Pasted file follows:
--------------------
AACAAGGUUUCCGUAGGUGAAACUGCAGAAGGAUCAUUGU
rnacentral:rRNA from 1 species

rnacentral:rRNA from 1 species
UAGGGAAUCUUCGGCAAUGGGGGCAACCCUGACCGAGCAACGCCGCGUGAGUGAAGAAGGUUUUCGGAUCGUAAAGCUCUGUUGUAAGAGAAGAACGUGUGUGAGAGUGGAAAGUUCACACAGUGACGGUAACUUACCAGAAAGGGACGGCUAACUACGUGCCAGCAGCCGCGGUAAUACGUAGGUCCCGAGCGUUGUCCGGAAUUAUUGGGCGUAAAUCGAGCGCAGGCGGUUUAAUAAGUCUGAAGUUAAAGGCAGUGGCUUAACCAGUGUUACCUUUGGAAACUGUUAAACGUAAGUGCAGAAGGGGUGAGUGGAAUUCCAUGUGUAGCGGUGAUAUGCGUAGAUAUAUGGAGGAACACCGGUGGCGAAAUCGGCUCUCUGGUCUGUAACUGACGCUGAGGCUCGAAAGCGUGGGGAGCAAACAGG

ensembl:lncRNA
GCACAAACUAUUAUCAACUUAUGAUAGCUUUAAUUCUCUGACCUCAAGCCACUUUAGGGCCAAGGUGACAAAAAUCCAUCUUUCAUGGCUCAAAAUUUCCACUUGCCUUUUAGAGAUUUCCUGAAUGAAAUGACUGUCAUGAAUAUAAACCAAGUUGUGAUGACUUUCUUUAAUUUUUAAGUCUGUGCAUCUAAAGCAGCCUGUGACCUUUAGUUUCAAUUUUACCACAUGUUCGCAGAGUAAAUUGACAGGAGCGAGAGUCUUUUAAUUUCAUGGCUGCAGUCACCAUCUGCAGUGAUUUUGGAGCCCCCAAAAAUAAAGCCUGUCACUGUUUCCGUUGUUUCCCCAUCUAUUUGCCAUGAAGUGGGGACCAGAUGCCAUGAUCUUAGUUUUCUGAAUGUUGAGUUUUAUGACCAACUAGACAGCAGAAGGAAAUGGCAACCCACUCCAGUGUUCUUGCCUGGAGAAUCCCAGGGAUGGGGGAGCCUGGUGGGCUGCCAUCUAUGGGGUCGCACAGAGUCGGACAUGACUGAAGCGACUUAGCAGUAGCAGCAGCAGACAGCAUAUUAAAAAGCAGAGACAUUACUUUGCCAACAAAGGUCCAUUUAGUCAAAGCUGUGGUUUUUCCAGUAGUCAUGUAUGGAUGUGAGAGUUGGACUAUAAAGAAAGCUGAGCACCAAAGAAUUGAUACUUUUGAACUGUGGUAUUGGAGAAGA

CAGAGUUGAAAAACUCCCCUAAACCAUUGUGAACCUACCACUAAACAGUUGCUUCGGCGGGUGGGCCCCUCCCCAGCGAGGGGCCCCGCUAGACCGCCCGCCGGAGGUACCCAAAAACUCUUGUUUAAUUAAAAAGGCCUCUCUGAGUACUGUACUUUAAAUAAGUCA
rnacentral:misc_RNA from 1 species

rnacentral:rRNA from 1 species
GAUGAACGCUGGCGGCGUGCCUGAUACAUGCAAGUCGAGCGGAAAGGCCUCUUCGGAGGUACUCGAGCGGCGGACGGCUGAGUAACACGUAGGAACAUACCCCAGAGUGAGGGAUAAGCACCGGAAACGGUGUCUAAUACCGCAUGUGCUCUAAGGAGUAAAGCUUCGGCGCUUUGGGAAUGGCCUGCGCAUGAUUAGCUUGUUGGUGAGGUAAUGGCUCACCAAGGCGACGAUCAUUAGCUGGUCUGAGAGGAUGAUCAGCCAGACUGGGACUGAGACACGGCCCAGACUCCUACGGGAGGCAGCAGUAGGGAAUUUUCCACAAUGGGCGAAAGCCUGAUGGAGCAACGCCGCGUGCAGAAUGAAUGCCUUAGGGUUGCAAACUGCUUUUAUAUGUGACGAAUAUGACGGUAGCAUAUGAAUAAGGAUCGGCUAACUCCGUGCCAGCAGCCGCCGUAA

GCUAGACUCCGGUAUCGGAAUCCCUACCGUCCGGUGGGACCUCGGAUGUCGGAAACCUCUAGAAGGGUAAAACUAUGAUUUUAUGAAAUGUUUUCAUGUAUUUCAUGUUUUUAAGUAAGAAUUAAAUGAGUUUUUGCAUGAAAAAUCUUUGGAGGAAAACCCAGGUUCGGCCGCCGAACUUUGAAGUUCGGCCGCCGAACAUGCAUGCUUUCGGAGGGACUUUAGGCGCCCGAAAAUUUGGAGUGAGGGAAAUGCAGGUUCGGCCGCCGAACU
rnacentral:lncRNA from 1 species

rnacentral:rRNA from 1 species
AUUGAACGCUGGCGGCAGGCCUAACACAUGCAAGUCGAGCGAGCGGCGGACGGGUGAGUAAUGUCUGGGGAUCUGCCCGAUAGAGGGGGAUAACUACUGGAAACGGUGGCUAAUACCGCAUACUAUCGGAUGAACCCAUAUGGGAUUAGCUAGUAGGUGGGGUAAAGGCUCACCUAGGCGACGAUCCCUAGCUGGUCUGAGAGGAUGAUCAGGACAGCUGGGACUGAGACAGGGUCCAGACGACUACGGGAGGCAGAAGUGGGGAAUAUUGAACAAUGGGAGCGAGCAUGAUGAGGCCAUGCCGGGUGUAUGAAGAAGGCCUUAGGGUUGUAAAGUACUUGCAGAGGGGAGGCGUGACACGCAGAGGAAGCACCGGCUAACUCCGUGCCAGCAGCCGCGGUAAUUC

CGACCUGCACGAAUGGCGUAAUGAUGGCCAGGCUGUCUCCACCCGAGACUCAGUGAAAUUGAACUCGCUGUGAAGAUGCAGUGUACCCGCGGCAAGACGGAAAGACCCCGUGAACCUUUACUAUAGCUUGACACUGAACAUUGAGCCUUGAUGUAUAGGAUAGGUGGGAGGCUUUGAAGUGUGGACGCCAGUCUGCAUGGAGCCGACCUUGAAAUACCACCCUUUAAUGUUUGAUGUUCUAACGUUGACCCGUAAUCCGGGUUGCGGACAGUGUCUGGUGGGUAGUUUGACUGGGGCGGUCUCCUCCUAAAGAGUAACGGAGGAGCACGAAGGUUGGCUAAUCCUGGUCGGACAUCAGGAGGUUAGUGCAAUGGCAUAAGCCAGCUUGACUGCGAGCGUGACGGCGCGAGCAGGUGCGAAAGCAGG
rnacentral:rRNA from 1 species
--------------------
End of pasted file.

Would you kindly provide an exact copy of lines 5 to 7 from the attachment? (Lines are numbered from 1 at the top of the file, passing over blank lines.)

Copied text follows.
ensembl:lncRNA
GCACAAACUAUUAUCAACUUAUGAUAGCUUUAAUUCUCUGACCUCAAGCCACUUUAGGGCCAAGGUGACAAAAAUCCAUCUUUCAUGGCUCAAAAUUUCCACUUGCCUUUUAGAGAUUUCCUGAAUGAAAUGACUGUCAUGAAUAUAAACCAAGUUGUGAUGACUUUCUUUAAUUUUUAAGUCUGUGCAUCUAAAGCAGCCUGUGACCUUUAGUUUCAAUUUUACCACAUGUUCGCAGAGUAAAUUGACAGGAGCGAGAGUCUUUUAAUUUCAUGGCUGCAGUCACCAUCUGCAGUGAUUUUGGAGCCCCCAAAAAUAAAGCCUGUCACUGUUUCCGUUGUUUCCCCAUCUAUUUGCCAUGAAGUGGGGACCAGAUGCCAUGAUCUUAGUUUUCUGAAUGUUGAGUUUUAUGACCAACUAGACAGCAGAAGGAAAUGGCAACCCACUCCAGUGUUCUUGCCUGGAGAAUCCCAGGGAUGGGGGAGCCUGGUGGGCUGCCAUCUAUGGGGUCGCACAGAGUCGGACAUGACUGAAGCGACUUAGCAGUAGCAGCAGCAGACAGCAUAUUAAAAAGCAGAGACAUUACUUUGCCAACAAAGGUCCAUUUAGUCAAAGCUGUGGUUUUUCCAGUAGUCAUGUAUGGAUGUGAGAGUUGGACUAUAAAGAAAGCUGAGCACCAAAGAAUUGAUACUUUUGAACUGUGGUAUUGGAGAAGA

CAGAGUUGAAAAACUCCCCUAAACCAUUGUGAACCUACCACUAAACAGUUGCUUCGGCGGGUGGGCCCCUCCCCAGCGAGGGGCCCCGCUAGACCGCCCGCCGGAGGUACCCAAAAACUCUUGUUUAAUUAAAAAGGCCUCUCUGAGUACUGUACUUUAAAUAAGUCA